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Warding Against a Possible Smallpox Threat

Scientists at St. Louis University are currently testing a vaccine for a disease that has been wiped out from the United States for decades. A vaccine for smallpox eradicated the potentially disfiguring and fatal virus but there are now fears bio-terrorism could bring it back.


Health officials say smallpox may have disappeared as a naturally occurring disease, but live samples of it still exist and could be used as a weapon. Federal agents want to make sure the U.S. is prepared for such an event.


"Small pox has been eliminated and no one is making smallpox vaccine so there is only a small amount of existing stock," says Dr. Sharon Frey, of St. Louis University.


The current supply of the vaccine is estimated at seven to 15 million doses. Doctors in St. Louis are diluting it to see if it can be stretched


"If you could get away with a 1 in 10 dilution of the existing vaccine then you might be able to vaccinate 70 to 100 million people," says John La Montagne, of the National Institutes of Health. He says that the U.S. would be in serious trouble if the vaccine was not available during a small pox epidemic.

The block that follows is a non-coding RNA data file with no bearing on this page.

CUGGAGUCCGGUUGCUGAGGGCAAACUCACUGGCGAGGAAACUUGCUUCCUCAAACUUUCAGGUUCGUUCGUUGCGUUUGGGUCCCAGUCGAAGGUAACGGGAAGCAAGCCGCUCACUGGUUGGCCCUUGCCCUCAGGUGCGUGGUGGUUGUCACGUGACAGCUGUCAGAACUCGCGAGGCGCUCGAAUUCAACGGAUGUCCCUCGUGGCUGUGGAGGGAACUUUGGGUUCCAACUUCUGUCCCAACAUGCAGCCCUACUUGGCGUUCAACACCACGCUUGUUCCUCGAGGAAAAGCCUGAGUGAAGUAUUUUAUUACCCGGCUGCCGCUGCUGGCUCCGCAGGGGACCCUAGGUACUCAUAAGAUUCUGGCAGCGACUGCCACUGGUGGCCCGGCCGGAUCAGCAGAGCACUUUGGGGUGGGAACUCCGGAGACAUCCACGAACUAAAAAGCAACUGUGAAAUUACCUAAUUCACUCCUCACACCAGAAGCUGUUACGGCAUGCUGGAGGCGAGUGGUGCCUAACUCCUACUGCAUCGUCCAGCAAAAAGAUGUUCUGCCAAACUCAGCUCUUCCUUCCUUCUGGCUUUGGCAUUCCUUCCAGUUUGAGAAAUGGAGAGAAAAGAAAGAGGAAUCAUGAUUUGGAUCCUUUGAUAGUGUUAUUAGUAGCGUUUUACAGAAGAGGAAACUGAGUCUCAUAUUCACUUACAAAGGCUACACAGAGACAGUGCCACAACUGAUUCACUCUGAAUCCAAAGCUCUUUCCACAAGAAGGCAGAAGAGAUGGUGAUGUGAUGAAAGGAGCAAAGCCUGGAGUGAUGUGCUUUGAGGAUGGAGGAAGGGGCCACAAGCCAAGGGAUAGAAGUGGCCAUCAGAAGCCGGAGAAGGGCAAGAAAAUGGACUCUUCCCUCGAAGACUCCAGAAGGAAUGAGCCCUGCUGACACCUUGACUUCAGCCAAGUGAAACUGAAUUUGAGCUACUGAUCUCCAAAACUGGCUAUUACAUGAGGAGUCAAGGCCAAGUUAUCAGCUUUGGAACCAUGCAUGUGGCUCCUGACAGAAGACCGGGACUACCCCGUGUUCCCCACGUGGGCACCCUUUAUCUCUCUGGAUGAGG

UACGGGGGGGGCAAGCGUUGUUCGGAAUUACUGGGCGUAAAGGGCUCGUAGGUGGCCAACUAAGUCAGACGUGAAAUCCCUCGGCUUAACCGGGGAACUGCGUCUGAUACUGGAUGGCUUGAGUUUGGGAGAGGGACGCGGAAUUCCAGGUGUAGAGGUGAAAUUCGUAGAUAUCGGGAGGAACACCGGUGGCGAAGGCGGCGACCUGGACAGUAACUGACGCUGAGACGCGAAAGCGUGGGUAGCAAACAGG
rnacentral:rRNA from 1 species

Smallpox is one of the most contagious diseases ever recorded and health officials say the majority of Americans are no longer immune to it. The disease spreads by direct contact and through the air. (Only those with rashes are contagious.) Symptoms begin about 7-10 days after contact and include fever, aching pains, and severe rash. Thirty percent of those struck with the illness die.


There are plans to make a new vaccine, but in the meantime, health officials say diluting the current supply of the smallpox vaccine could best protect Americans from an old enemy that is now posing a new threat.

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